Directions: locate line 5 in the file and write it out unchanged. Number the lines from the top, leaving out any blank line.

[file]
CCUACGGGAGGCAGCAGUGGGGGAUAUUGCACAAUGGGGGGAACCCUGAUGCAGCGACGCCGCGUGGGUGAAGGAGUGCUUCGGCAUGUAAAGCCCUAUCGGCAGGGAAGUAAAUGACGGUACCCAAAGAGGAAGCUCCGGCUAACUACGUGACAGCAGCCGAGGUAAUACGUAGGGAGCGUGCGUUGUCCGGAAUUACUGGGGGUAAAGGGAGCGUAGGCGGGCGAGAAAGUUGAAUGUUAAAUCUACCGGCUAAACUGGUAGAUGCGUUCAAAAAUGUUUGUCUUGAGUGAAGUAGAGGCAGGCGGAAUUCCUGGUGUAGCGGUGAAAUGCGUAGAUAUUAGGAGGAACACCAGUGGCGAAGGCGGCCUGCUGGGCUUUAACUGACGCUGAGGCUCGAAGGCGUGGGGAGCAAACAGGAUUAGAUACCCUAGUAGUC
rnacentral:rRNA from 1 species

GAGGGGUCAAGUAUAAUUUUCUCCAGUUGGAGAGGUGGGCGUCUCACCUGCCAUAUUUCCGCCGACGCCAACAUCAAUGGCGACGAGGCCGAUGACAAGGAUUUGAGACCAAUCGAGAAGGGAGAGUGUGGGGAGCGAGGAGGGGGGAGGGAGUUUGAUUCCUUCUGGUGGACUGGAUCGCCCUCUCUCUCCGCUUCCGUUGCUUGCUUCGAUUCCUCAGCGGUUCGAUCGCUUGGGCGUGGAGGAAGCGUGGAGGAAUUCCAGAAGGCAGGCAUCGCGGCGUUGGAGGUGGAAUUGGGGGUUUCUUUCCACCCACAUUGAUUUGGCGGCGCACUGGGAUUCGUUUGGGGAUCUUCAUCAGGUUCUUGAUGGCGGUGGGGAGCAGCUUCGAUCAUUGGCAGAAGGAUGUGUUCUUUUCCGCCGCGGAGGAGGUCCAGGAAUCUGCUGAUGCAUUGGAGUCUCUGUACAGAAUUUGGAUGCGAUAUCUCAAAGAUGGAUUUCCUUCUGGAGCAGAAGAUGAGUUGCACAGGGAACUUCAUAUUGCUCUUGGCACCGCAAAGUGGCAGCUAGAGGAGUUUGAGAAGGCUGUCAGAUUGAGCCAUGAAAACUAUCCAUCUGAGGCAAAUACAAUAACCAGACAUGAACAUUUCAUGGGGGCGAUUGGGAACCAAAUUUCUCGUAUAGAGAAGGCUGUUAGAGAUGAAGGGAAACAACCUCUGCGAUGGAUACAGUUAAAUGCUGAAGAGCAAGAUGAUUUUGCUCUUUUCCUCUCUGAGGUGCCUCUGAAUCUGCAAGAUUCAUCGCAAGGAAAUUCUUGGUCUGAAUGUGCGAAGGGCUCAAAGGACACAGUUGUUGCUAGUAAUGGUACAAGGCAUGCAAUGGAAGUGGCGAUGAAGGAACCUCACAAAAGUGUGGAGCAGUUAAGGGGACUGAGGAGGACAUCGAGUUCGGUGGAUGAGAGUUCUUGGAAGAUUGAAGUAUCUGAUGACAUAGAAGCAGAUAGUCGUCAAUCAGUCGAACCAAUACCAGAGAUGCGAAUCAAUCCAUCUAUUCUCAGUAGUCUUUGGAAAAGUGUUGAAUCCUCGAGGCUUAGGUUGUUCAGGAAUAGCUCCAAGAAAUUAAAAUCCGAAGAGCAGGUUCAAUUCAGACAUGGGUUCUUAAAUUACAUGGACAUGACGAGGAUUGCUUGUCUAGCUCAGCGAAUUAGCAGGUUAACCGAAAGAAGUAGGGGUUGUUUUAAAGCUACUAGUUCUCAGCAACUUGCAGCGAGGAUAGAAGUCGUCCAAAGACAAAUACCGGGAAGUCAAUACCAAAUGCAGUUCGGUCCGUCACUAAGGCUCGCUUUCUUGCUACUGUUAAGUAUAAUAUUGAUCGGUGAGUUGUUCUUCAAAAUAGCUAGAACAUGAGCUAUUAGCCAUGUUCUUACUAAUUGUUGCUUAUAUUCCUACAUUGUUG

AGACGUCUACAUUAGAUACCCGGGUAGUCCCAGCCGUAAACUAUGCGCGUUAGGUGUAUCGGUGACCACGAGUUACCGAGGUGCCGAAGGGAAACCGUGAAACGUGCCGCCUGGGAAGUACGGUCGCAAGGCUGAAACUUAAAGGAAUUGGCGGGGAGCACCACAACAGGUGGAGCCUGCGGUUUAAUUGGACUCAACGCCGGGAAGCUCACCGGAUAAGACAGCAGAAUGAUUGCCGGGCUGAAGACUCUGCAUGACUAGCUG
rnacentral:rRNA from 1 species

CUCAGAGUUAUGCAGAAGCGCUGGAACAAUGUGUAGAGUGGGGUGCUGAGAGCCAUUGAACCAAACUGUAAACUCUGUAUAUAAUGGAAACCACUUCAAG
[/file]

rnacentral:rRNA from 1 species